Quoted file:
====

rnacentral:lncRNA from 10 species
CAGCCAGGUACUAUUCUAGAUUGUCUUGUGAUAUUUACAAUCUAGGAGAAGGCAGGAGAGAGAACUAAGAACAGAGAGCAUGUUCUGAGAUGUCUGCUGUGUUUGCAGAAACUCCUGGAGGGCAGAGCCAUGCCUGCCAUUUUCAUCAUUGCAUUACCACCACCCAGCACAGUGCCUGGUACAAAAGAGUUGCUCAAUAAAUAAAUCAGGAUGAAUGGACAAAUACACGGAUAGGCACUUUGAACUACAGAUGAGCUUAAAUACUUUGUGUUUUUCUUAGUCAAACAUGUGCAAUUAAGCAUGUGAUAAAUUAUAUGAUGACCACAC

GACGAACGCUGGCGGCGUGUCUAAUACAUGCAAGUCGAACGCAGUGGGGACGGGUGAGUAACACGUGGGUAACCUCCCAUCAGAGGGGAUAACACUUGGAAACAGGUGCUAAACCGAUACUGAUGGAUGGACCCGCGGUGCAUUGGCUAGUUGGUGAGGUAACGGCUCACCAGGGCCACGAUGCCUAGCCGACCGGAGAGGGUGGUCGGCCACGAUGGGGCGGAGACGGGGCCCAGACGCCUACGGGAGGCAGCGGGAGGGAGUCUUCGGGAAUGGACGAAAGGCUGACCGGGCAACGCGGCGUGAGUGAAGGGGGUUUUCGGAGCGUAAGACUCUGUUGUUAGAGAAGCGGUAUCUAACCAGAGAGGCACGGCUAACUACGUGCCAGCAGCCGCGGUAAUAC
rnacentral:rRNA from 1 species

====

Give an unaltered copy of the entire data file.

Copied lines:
rnacentral:lncRNA from 10 species
CAGCCAGGUACUAUUCUAGAUUGUCUUGUGAUAUUUACAAUCUAGGAGAAGGCAGGAGAGAGAACUAAGAACAGAGAGCAUGUUCUGAGAUGUCUGCUGUGUUUGCAGAAACUCCUGGAGGGCAGAGCCAUGCCUGCCAUUUUCAUCAUUGCAUUACCACCACCCAGCACAGUGCCUGGUACAAAAGAGUUGCUCAAUAAAUAAAUCAGGAUGAAUGGACAAAUACACGGAUAGGCACUUUGAACUACAGAUGAGCUUAAAUACUUUGUGUUUUUCUUAGUCAAACAUGUGCAAUUAAGCAUGUGAUAAAUUAUAUGAUGACCACAC

GACGAACGCUGGCGGCGUGUCUAAUACAUGCAAGUCGAACGCAGUGGGGACGGGUGAGUAACACGUGGGUAACCUCCCAUCAGAGGGGAUAACACUUGGAAACAGGUGCUAAACCGAUACUGAUGGAUGGACCCGCGGUGCAUUGGCUAGUUGGUGAGGUAACGGCUCACCAGGGCCACGAUGCCUAGCCGACCGGAGAGGGUGGUCGGCCACGAUGGGGCGGAGACGGGGCCCAGACGCCUACGGGAGGCAGCGGGAGGGAGUCUUCGGGAAUGGACGAAAGGCUGACCGGGCAACGCGGCGUGAGUGAAGGGGGUUUUCGGAGCGUAAGACUCUGUUGUUAGAGAAGCGGUAUCUAACCAGAGAGGCACGGCUAACUACGUGCCAGCAGCCGCGGUAAUAC
rnacentral:rRNA from 1 species